Summary and Conclusion: Display, Convert, Softproof — one size doesn't fit all

Awhile back I received an email requesting that I write a tutorial covering the "Advanced" tab of the digiKam/showFoto Color Management Settings. This is that tutorial and I do apologize for taking such a long time to write it.

As you can see from the digiKam/showFoto screenshot, the "Advanced" tab only has two items: which ICC profile conversion intent to use and whether to use black point compensation. So an explanation ought to be equally short and to the point, yes? The problem is, that poor little digiKam/showFoto "Advanced" tab provides the settings (not just the default settings, but rather the only settings) for three completely separate and distinct ICC profile conversions:

  1. Converting an image to the monitor profile for displaying the image to the monitor screen
  2. Converting an image from one ICC profile to another
  3. Softproofing an image before converting it

The problem is, there is no "one size fits all" ICC profile conversion setting:

  • There is no reason to assume that the user will always want to use the same conversion intent for displaying an image to screen, converting an image from one ICC color space profile to another, and when soft proofing an image.
  • There is no reason to assume that the user will always want to use, or not want to use, black point compensation.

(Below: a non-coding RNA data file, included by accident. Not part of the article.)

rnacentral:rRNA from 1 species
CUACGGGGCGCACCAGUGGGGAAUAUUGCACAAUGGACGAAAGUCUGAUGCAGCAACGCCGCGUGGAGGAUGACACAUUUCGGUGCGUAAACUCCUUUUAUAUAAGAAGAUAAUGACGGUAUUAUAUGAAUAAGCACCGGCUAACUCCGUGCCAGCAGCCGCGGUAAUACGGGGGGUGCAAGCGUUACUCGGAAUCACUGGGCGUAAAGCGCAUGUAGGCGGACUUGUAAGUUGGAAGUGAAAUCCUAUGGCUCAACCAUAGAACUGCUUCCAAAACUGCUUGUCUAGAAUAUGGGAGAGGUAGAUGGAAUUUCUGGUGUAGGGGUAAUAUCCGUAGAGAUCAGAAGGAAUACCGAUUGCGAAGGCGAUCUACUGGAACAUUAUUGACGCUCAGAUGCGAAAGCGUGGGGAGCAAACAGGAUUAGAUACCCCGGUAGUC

• There isn't even any reason to assume that the user will always want to use the same color conversion settings, all the time, for any one of the three ICC profile conversions listed above, much less for all three.

The only place the digiKam/showFoto user can change which color conversion intent to use, and whether or not to use black point compensation, is in the Advanced tab. Unfortunately, using that Advanced tab to change the ICC profile conversion settings is not exactly convenient. If you want to change the settings for displaying an image to the screen, you have to restart the program. If you change the settings to do an image conversion, you have to change them back to the settings that you want for displaying an image to the screen. And on a related note, if you are converting an image from one ICC profile to another, and you want to choose an ICC profile that isn't already in one of the folders that digiKam/showFoto searches upon startup, you have add the requisite folder and then restart the program.